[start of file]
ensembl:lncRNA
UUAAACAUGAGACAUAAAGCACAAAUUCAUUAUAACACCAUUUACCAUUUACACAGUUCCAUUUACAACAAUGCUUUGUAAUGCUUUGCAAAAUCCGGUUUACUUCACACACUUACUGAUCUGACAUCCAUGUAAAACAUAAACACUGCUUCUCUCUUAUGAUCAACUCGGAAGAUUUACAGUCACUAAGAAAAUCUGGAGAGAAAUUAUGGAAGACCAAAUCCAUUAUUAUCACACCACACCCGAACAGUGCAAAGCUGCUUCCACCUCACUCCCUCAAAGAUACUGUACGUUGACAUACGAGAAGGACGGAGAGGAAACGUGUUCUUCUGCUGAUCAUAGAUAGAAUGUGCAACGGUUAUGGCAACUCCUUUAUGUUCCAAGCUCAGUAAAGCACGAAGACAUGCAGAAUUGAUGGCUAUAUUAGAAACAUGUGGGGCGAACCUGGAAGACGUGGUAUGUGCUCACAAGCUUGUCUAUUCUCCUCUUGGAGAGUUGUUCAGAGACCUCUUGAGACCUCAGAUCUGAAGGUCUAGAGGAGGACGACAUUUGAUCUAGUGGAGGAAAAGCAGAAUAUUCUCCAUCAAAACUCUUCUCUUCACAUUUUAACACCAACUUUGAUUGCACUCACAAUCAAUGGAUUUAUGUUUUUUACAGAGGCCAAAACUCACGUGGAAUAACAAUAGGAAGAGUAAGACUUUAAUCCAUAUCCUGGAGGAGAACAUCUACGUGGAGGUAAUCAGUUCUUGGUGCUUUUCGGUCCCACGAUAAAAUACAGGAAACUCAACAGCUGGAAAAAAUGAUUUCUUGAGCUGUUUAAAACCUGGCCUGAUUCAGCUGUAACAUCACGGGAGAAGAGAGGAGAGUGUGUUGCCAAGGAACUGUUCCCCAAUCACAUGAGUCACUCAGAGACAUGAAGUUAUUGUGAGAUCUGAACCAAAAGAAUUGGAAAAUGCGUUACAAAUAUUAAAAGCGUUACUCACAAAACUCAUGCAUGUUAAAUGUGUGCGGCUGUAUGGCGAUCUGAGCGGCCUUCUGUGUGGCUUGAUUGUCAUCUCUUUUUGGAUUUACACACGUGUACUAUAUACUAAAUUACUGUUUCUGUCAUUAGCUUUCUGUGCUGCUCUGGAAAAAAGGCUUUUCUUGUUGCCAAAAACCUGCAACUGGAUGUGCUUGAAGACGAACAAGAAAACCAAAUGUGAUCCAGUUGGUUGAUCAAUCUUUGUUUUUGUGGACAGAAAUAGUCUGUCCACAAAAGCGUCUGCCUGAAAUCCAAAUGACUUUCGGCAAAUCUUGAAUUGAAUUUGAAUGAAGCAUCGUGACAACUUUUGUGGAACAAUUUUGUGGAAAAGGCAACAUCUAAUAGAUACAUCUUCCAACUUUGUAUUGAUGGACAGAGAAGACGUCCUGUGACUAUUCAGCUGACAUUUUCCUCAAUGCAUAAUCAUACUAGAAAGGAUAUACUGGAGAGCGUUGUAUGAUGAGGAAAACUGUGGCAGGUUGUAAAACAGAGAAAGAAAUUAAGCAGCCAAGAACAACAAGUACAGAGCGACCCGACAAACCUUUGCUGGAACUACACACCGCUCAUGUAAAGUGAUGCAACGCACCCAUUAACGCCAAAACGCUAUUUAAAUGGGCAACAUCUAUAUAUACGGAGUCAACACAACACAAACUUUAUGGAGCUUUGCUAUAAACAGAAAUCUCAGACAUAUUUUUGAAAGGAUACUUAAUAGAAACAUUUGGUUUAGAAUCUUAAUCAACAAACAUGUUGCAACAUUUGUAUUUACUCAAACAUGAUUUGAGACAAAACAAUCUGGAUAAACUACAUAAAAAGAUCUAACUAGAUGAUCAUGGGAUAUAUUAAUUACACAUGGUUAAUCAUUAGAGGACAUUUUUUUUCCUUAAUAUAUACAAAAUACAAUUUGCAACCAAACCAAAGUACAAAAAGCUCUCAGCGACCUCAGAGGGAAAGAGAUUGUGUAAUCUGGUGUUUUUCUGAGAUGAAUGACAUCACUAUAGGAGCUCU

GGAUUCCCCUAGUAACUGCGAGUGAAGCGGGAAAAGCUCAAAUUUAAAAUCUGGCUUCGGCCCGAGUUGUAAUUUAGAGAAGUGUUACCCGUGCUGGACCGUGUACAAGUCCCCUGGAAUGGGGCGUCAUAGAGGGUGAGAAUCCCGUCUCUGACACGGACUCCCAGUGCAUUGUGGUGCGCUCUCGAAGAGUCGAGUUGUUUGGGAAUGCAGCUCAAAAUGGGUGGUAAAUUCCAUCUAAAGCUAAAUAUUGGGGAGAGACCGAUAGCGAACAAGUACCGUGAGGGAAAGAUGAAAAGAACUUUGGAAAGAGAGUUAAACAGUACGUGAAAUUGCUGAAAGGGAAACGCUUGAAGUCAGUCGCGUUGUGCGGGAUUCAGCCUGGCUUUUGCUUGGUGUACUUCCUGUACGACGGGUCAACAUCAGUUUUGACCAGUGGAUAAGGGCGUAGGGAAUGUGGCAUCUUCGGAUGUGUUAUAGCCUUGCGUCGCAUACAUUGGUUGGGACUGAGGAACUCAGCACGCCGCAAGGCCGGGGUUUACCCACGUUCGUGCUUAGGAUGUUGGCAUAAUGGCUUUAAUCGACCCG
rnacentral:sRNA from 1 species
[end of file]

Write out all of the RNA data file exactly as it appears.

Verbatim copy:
ensembl:lncRNA
UUAAACAUGAGACAUAAAGCACAAAUUCAUUAUAACACCAUUUACCAUUUACACAGUUCCAUUUACAACAAUGCUUUGUAAUGCUUUGCAAAAUCCGGUUUACUUCACACACUUACUGAUCUGACAUCCAUGUAAAACAUAAACACUGCUUCUCUCUUAUGAUCAACUCGGAAGAUUUACAGUCACUAAGAAAAUCUGGAGAGAAAUUAUGGAAGACCAAAUCCAUUAUUAUCACACCACACCCGAACAGUGCAAAGCUGCUUCCACCUCACUCCCUCAAAGAUACUGUACGUUGACAUACGAGAAGGACGGAGAGGAAACGUGUUCUUCUGCUGAUCAUAGAUAGAAUGUGCAACGGUUAUGGCAACUCCUUUAUGUUCCAAGCUCAGUAAAGCACGAAGACAUGCAGAAUUGAUGGCUAUAUUAGAAACAUGUGGGGCGAACCUGGAAGACGUGGUAUGUGCUCACAAGCUUGUCUAUUCUCCUCUUGGAGAGUUGUUCAGAGACCUCUUGAGACCUCAGAUCUGAAGGUCUAGAGGAGGACGACAUUUGAUCUAGUGGAGGAAAAGCAGAAUAUUCUCCAUCAAAACUCUUCUCUUCACAUUUUAACACCAACUUUGAUUGCACUCACAAUCAAUGGAUUUAUGUUUUUUACAGAGGCCAAAACUCACGUGGAAUAACAAUAGGAAGAGUAAGACUUUAAUCCAUAUCCUGGAGGAGAACAUCUACGUGGAGGUAAUCAGUUCUUGGUGCUUUUCGGUCCCACGAUAAAAUACAGGAAACUCAACAGCUGGAAAAAAUGAUUUCUUGAGCUGUUUAAAACCUGGCCUGAUUCAGCUGUAACAUCACGGGAGAAGAGAGGAGAGUGUGUUGCCAAGGAACUGUUCCCCAAUCACAUGAGUCACUCAGAGACAUGAAGUUAUUGUGAGAUCUGAACCAAAAGAAUUGGAAAAUGCGUUACAAAUAUUAAAAGCGUUACUCACAAAACUCAUGCAUGUUAAAUGUGUGCGGCUGUAUGGCGAUCUGAGCGGCCUUCUGUGUGGCUUGAUUGUCAUCUCUUUUUGGAUUUACACACGUGUACUAUAUACUAAAUUACUGUUUCUGUCAUUAGCUUUCUGUGCUGCUCUGGAAAAAAGGCUUUUCUUGUUGCCAAAAACCUGCAACUGGAUGUGCUUGAAGACGAACAAGAAAACCAAAUGUGAUCCAGUUGGUUGAUCAAUCUUUGUUUUUGUGGACAGAAAUAGUCUGUCCACAAAAGCGUCUGCCUGAAAUCCAAAUGACUUUCGGCAAAUCUUGAAUUGAAUUUGAAUGAAGCAUCGUGACAACUUUUGUGGAACAAUUUUGUGGAAAAGGCAACAUCUAAUAGAUACAUCUUCCAACUUUGUAUUGAUGGACAGAGAAGACGUCCUGUGACUAUUCAGCUGACAUUUUCCUCAAUGCAUAAUCAUACUAGAAAGGAUAUACUGGAGAGCGUUGUAUGAUGAGGAAAACUGUGGCAGGUUGUAAAACAGAGAAAGAAAUUAAGCAGCCAAGAACAACAAGUACAGAGCGACCCGACAAACCUUUGCUGGAACUACACACCGCUCAUGUAAAGUGAUGCAACGCACCCAUUAACGCCAAAACGCUAUUUAAAUGGGCAACAUCUAUAUAUACGGAGUCAACACAACACAAACUUUAUGGAGCUUUGCUAUAAACAGAAAUCUCAGACAUAUUUUUGAAAGGAUACUUAAUAGAAACAUUUGGUUUAGAAUCUUAAUCAACAAACAUGUUGCAACAUUUGUAUUUACUCAAACAUGAUUUGAGACAAAACAAUCUGGAUAAACUACAUAAAAAGAUCUAACUAGAUGAUCAUGGGAUAUAUUAAUUACACAUGGUUAAUCAUUAGAGGACAUUUUUUUUCCUUAAUAUAUACAAAAUACAAUUUGCAACCAAACCAAAGUACAAAAAGCUCUCAGCGACCUCAGAGGGAAAGAGAUUGUGUAAUCUGGUGUUUUUCUGAGAUGAAUGACAUCACUAUAGGAGCUCU

GGAUUCCCCUAGUAACUGCGAGUGAAGCGGGAAAAGCUCAAAUUUAAAAUCUGGCUUCGGCCCGAGUUGUAAUUUAGAGAAGUGUUACCCGUGCUGGACCGUGUACAAGUCCCCUGGAAUGGGGCGUCAUAGAGGGUGAGAAUCCCGUCUCUGACACGGACUCCCAGUGCAUUGUGGUGCGCUCUCGAAGAGUCGAGUUGUUUGGGAAUGCAGCUCAAAAUGGGUGGUAAAUUCCAUCUAAAGCUAAAUAUUGGGGAGAGACCGAUAGCGAACAAGUACCGUGAGGGAAAGAUGAAAAGAACUUUGGAAAGAGAGUUAAACAGUACGUGAAAUUGCUGAAAGGGAAACGCUUGAAGUCAGUCGCGUUGUGCGGGAUUCAGCCUGGCUUUUGCUUGGUGUACUUCCUGUACGACGGGUCAACAUCAGUUUUGACCAGUGGAUAAGGGCGUAGGGAAUGUGGCAUCUUCGGAUGUGUUAUAGCCUUGCGUCGCAUACAUUGGUUGGGACUGAGGAACUCAGCACGCCGCAAGGCCGGGGUUUACCCACGUUCGUGCUUAGGAUGUUGGCAUAAUGGCUUUAAUCGACCCG
rnacentral:sRNA from 1 species